Wednesday, February 26, 2014

Birding southern Ecuador February 21-26,2014

Hi Everyone

Arrived in Ecuador  from the cold and wintry north on February 21st. We spent the first night in Guayaquil before heading to Umbrellabird Lodge for a few nights. Lots of great birding and amazing hummingbird activity. At the Umbrellabird Lodge there were 5 feeders that were filled 7 times a day to feed the 300+ hummers that fed daily. At one time there were over 150+ hummingbirds feeding at one time!  
On February 25th we worked our way to Urraca Lodge. Another excellent area for birding with lots of new birds including Tombes Sparrow, Tombes Hummingbird, Western Peruvian Screech-Owl, Slaty Becard, and Blackish-headed Spinetail. Tomorrow will be more new birds! 

Good birding,

A feeding frenzy of hummingbirds! 

Violet-bellied Hummingbird 

Green Thorntail line up for a feed.

Black Vulture 

Bat Falcon 

female Green Thorntail 

White-necked Jacobin 

Green-crowned Brilliant and Green Thorntail feeding.

West Peruvian Screech-Owl 

Spectacled Owl 

White-cheeked Pintail 

Thursday, February 20, 2014

February 20,2014 Website updated

Hi everyone
I've finally had my website updated which includes both Spring birding courses and the Spring specialty trips along with my 2014 tour schedule. If you are interested in any courses or outings please register on line. Looking forward to another great spring of birding!

Bruce Di Labio

February 18,2014 More Snowy Owls at night, Perth to Kanata.

While driving back home from Presqu'ile today I observed 5 Snowy Owls hunting at dusk and afterwards between Perth and Kanata. One was in the Perth area, one near Carleton Place, one along Hwy.7 and 2 in the Kanata area. All but one of the owls were sitting on telephone poles. This winter is the first time I've seen numbers of Snowy Owl's hunting at night.  

At dusk a Snowy Owl perches on a church steeple in  the Perth area. 

Sunday, February 16, 2014

Algonquin College Birding Course in Pembroke,Ontario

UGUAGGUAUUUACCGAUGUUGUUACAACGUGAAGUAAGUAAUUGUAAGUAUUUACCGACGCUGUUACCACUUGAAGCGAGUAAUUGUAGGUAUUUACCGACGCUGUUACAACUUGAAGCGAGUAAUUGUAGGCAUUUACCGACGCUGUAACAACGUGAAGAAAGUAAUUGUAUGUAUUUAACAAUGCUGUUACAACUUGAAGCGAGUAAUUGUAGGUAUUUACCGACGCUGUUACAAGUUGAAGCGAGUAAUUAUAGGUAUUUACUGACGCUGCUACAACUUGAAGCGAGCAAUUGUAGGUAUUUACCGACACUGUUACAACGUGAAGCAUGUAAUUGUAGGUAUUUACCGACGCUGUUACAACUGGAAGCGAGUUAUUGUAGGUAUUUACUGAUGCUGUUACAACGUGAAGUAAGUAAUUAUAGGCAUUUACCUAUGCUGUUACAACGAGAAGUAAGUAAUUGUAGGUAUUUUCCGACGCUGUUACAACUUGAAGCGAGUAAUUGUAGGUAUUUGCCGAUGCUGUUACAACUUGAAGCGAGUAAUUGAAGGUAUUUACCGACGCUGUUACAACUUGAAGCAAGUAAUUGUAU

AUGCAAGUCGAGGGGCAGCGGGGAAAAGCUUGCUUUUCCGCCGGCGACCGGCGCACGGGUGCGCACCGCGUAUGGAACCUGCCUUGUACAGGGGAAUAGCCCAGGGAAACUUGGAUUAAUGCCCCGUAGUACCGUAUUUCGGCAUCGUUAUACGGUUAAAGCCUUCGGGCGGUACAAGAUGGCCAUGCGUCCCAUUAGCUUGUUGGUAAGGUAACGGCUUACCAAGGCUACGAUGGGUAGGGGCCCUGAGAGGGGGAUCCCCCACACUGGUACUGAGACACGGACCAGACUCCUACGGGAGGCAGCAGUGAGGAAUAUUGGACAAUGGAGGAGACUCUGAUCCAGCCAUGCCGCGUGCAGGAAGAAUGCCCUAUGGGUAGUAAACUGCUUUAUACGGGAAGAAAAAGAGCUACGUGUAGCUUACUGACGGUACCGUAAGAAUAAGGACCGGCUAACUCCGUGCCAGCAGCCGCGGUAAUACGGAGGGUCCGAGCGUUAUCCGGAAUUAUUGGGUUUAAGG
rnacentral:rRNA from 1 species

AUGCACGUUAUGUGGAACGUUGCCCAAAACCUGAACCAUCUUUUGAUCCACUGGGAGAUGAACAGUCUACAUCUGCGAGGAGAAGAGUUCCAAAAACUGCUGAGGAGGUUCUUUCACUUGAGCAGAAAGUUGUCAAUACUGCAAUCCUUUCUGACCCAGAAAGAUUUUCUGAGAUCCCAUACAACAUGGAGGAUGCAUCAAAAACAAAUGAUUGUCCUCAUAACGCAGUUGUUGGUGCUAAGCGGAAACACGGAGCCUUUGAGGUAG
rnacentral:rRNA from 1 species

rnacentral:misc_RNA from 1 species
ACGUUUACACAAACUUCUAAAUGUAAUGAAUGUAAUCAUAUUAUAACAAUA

Course: GEN7204
Experience a fun, yet educational introduction to birdwatching. Focus on how to identify birds by sight and song and how to use a field guide, optical equipment and familiarize yourself with the 200+ species that occur in the Ottawa Valley in the spring. Time permitting some birding in the area may be possible.
Notes: Course dates are Apr. 29, 30, and May 20, 21. Instructor: Bruce Di Labio
Read more about your instructor at

 Apr 29/30 - May 21/22
Tue, Wed
6:30pm - 9:30pm
For complete details and to register online,

To register by phone, call 613-735-4700 ext. 2735

February 16,2014 Local birding around Carp.

I birded the Carp-Kinburn and Constance Bay area this afternoon and came across a few interesting species. Along Donald B. Munro Drive and Old Coach Road a small mixed flock of 12 Horned Lark, 15 Snow Bunting and 4 Lapland Longspur were feeding along the shoulder of the road. They also flushed and flew out in a field and landed in an area that had fresh manure. 
 A couple of Common Raven were observed flying over and acting if spring was in the air! The most interesting observation was an adult Northern Goshawk flying over Thomas Dolan Parkway near Carp Road. This species was once an almost regular sight in the woodland areas back in the 1970's but have decreased in numbers since the mid 1980's. 

Good birding,

A female Hairy Woodpecker sorts through sunflower seeds at a feeder.

A flock of Snow Bunting hunker down trying to  avoid the strong northwest winds. 

Saturday, February 15, 2014

February 14,2014 Snowy Owls hunting at night in Kanata. Really not a surprise!

In general owls continue to dominate the birding scene in eastern Ontario and the Outaouais region. Over this past weekend a total of 8 species were recorded with the Snowy Owl still the top attraction. Most reports came from the regular winter sites including just south of the Ottawa Airport. One interesting fact that I wasn't really aware of is that these typically diurnal owls are hunting at night too. I observed my first Snowy Owl during the daylight hours in the winter of 1969/70. 
Over the years, I only experienced this bird feeding during the day and never considered looking for them at night. On February 7 at 7:00pm I counted 3 along Terry Fox Drive and Huntmar Road as they were perched on telephone poles. Again on February 9 at 11:30pm 
2 were hunting in the area of the Canadian Tire Centre. This evening Ben and I again observed 3 Snowy Owls hunting near the Canadian Tire Centre at between 9:30-11:30pm. 
 I must conclude that since these owls inhabit the arctic during their breeding season and some do spend their winters north, it only makes sense that they must hunt 24/7 if need be!  One of the most fascinating aspects of birding is that no matter how many years you've studied birds you're always learning something new!